Have you ever woken up in the middle of the night with a crazy idea? And then by morning, you think you can actually do it?
Well, that's what happened to me in June 2018. At the time I had a successful cooking blog, MommaChef.com, with more than 80,000 followers. It features recipes using six ingredients or less and prepared in six minutes or less. I also was busy writing articles for dozens of magazines and working with various companies to develop recipes using their products.
All of this would have been a dream come true for most food bloggers, but I didn't feel complete. Something was missing. It was that aha moment at 3 a.m. when I realized that I wanted to focus more time and energy into helping others. And what could be more perfect than opening a soup kitchen to feed the needy?
[Related: Make kindness a daily act with your kids]
Once the idea came to me, I was determined to make it happen. Over the next few months, I researched what was needed to help the under-resourced people in the Chicago area. I quickly found a facility that was willing to donate its space to house the Soup Kitchen. I created a business plan, held fundraisers to offset the costs, and designed menus to feed more than 100 people. Within four months, in October 2018, Momma Chef's Soup Kitchen opened its doors at Congregation KINS in West Rogers Park.
Each Tuesday evening, Momma Chef’s Soup Kitchen provides a 5-course homemade hot meal to anyone who comes to our doors. We also deliver 70 meals to two local shelters. That middle-of-the-night idea has provided over 15,000 meals since opening our doors. What makes this soup kitchen unique is that I was determined to run it with no overhead other than the cost of food and security. The Soup Kitchen needs more than 600 volunteers/year to prepare and serve the meals. And every person involved, including myself and members of my family, donates their time.*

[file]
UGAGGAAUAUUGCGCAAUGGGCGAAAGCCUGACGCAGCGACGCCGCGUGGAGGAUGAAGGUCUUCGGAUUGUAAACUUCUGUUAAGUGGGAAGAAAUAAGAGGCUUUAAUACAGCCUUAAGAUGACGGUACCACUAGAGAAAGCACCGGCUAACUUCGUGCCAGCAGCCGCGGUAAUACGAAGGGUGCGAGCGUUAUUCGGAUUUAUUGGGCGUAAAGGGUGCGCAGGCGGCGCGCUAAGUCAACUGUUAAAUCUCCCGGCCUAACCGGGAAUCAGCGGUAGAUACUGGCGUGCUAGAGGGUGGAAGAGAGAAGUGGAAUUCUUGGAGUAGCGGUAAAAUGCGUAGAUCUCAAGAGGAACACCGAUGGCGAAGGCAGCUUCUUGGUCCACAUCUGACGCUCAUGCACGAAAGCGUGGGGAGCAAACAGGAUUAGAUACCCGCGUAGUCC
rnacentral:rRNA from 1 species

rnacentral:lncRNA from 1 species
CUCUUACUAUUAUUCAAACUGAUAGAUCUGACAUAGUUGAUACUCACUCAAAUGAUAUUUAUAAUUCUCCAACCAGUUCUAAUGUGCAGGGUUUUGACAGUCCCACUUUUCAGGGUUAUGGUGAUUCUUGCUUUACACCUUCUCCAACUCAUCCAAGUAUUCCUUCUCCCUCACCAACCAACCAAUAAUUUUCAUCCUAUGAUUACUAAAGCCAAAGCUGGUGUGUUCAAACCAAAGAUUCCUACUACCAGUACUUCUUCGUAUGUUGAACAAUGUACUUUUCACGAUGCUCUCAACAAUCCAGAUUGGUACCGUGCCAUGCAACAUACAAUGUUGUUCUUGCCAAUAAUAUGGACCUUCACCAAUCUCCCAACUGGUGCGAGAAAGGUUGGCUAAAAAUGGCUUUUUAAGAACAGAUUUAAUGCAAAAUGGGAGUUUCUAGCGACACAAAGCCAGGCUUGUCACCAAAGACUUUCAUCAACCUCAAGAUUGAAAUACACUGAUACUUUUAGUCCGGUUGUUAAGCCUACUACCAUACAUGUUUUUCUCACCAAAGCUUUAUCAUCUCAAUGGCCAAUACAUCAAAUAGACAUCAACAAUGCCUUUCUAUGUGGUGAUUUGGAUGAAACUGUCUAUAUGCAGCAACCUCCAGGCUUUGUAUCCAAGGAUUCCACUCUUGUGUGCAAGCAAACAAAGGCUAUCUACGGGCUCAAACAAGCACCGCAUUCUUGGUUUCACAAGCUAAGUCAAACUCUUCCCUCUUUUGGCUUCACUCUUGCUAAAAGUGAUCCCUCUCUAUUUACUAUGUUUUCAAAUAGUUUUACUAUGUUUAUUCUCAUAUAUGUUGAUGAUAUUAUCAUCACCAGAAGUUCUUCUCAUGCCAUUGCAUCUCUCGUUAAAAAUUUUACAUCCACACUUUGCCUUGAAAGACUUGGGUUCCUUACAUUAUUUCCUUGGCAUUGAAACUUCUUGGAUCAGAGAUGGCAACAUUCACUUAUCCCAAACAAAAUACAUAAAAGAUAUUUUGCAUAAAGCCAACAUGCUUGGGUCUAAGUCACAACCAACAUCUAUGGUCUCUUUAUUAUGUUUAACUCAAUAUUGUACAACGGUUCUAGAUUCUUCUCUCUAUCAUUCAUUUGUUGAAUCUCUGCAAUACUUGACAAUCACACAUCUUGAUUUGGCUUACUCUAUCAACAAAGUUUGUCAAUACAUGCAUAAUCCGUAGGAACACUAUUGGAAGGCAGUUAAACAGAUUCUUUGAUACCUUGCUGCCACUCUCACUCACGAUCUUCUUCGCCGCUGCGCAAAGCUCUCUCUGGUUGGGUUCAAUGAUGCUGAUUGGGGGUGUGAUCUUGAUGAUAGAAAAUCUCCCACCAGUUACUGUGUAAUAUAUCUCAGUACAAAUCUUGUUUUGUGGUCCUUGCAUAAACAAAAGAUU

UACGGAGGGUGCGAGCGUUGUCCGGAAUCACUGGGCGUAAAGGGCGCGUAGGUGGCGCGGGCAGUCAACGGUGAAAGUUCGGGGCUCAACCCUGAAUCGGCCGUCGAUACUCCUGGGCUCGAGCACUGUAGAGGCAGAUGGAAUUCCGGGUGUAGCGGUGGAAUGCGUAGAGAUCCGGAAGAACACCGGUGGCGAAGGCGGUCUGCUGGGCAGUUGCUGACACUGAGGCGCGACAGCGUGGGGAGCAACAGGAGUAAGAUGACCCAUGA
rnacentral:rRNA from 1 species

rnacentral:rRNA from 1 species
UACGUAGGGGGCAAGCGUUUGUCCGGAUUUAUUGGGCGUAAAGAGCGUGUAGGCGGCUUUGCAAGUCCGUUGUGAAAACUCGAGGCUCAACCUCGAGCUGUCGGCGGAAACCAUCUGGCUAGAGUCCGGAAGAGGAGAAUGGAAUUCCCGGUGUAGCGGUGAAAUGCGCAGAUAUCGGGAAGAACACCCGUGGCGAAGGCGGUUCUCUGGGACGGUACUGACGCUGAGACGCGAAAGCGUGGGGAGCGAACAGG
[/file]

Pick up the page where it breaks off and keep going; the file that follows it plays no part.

During the start of COVID in April of 2020, when I passed by a neighborhood little free library box, the notion that I could help address food insecurity around the city in the same manner as the library boxes struck me. I decided that day that I wanted to start a “Momma Chef Little Free Pantry Movement” in Chicago, providing 24-hour non-perishable food to anyone in need. It took around a year to get everything in place, and in May 2021, I opened my first pantry at West Ridge Community Methodist Church. My son, who is a junior in high school, is in charge of running the pantry for me. We keep the pantry stocked daily with healthy non-perishable food such as peanut butter, cans of fruit, cans of soups and stews, cans of tuna, chicken, etc. It’s a wonderful way for people in need to take food anonymously at any time of the day.
With the success of the first pantry, I am going to be installing more pantries around the city in the next couple of months: My next two will be at Beth Emet Synagogue in Evanston, and New Beginnings Church in West Woodlawn. I want to encourage everyone that if there is something you believe in — a cause that taps your shoulder or keeps you awake at night — believe in yourself! One person truly can make a difference.
You can find me at www.mommachef.com. I am keeping busy with my blog, Soup Kitchen, Food Pantries, and I plan to publish a cookbook in 2022 with my delicious “6 under 6” recipes, with proceeds going to these projects.
*If you're interested in volunteering at the Soup Kitchen, you are more than welcome! Kids 11 and up are welcome, too. Here's how.